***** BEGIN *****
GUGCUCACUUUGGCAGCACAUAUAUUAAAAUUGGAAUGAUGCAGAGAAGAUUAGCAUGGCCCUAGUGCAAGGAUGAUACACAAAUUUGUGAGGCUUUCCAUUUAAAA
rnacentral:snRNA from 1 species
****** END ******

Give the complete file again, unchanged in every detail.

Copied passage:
GUGCUCACUUUGGCAGCACAUAUAUUAAAAUUGGAAUGAUGCAGAGAAGAUUAGCAUGGCCCUAGUGCAAGGAUGAUACACAAAUUUGUGAGGCUUUCCAUUUAAAA
rnacentral:snRNA from 1 species